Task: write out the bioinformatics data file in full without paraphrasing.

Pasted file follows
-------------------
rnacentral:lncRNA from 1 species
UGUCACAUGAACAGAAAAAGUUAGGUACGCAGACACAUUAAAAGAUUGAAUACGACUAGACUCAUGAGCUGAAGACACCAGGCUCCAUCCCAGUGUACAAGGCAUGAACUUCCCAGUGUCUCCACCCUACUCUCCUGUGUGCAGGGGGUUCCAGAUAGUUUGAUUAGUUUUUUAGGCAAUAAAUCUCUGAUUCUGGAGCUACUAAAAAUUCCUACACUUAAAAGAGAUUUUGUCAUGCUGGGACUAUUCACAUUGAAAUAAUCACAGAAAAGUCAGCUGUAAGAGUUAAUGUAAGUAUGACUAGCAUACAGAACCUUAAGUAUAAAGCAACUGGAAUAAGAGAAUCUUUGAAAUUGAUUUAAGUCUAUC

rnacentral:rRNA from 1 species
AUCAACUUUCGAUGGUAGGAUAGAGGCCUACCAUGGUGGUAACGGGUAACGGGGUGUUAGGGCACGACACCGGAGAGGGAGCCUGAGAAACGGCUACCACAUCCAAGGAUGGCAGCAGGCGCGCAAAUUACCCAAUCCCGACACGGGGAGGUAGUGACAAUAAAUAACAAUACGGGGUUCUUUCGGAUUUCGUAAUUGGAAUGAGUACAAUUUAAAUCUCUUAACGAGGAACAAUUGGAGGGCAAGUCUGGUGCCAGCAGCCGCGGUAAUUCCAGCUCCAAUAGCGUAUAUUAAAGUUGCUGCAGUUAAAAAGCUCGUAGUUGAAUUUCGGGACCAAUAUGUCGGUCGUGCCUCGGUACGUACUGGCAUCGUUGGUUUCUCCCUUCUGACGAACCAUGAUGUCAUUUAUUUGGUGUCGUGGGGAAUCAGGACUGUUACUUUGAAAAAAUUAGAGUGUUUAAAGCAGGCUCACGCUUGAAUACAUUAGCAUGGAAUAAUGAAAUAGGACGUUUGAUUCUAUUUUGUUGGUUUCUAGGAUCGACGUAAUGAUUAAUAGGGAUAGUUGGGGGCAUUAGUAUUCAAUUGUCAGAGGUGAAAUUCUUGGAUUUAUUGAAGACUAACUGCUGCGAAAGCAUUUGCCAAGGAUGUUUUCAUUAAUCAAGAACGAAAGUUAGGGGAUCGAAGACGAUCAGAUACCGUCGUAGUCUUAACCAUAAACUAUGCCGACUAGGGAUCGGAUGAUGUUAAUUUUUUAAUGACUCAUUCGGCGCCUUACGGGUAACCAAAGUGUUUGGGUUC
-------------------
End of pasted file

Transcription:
rnacentral:lncRNA from 1 species
UGUCACAUGAACAGAAAAAGUUAGGUACGCAGACACAUUAAAAGAUUGAAUACGACUAGACUCAUGAGCUGAAGACACCAGGCUCCAUCCCAGUGUACAAGGCAUGAACUUCCCAGUGUCUCCACCCUACUCUCCUGUGUGCAGGGGGUUCCAGAUAGUUUGAUUAGUUUUUUAGGCAAUAAAUCUCUGAUUCUGGAGCUACUAAAAAUUCCUACACUUAAAAGAGAUUUUGUCAUGCUGGGACUAUUCACAUUGAAAUAAUCACAGAAAAGUCAGCUGUAAGAGUUAAUGUAAGUAUGACUAGCAUACAGAACCUUAAGUAUAAAGCAACUGGAAUAAGAGAAUCUUUGAAAUUGAUUUAAGUCUAUC

rnacentral:rRNA from 1 species
AUCAACUUUCGAUGGUAGGAUAGAGGCCUACCAUGGUGGUAACGGGUAACGGGGUGUUAGGGCACGACACCGGAGAGGGAGCCUGAGAAACGGCUACCACAUCCAAGGAUGGCAGCAGGCGCGCAAAUUACCCAAUCCCGACACGGGGAGGUAGUGACAAUAAAUAACAAUACGGGGUUCUUUCGGAUUUCGUAAUUGGAAUGAGUACAAUUUAAAUCUCUUAACGAGGAACAAUUGGAGGGCAAGUCUGGUGCCAGCAGCCGCGGUAAUUCCAGCUCCAAUAGCGUAUAUUAAAGUUGCUGCAGUUAAAAAGCUCGUAGUUGAAUUUCGGGACCAAUAUGUCGGUCGUGCCUCGGUACGUACUGGCAUCGUUGGUUUCUCCCUUCUGACGAACCAUGAUGUCAUUUAUUUGGUGUCGUGGGGAAUCAGGACUGUUACUUUGAAAAAAUUAGAGUGUUUAAAGCAGGCUCACGCUUGAAUACAUUAGCAUGGAAUAAUGAAAUAGGACGUUUGAUUCUAUUUUGUUGGUUUCUAGGAUCGACGUAAUGAUUAAUAGGGAUAGUUGGGGGCAUUAGUAUUCAAUUGUCAGAGGUGAAAUUCUUGGAUUUAUUGAAGACUAACUGCUGCGAAAGCAUUUGCCAAGGAUGUUUUCAUUAAUCAAGAACGAAAGUUAGGGGAUCGAAGACGAUCAGAUACCGUCGUAGUCUUAACCAUAAACUAUGCCGACUAGGGAUCGGAUGAUGUUAAUUUUUUAAUGACUCAUUCGGCGCCUUACGGGUAACCAAAGUGUUUGGGUUC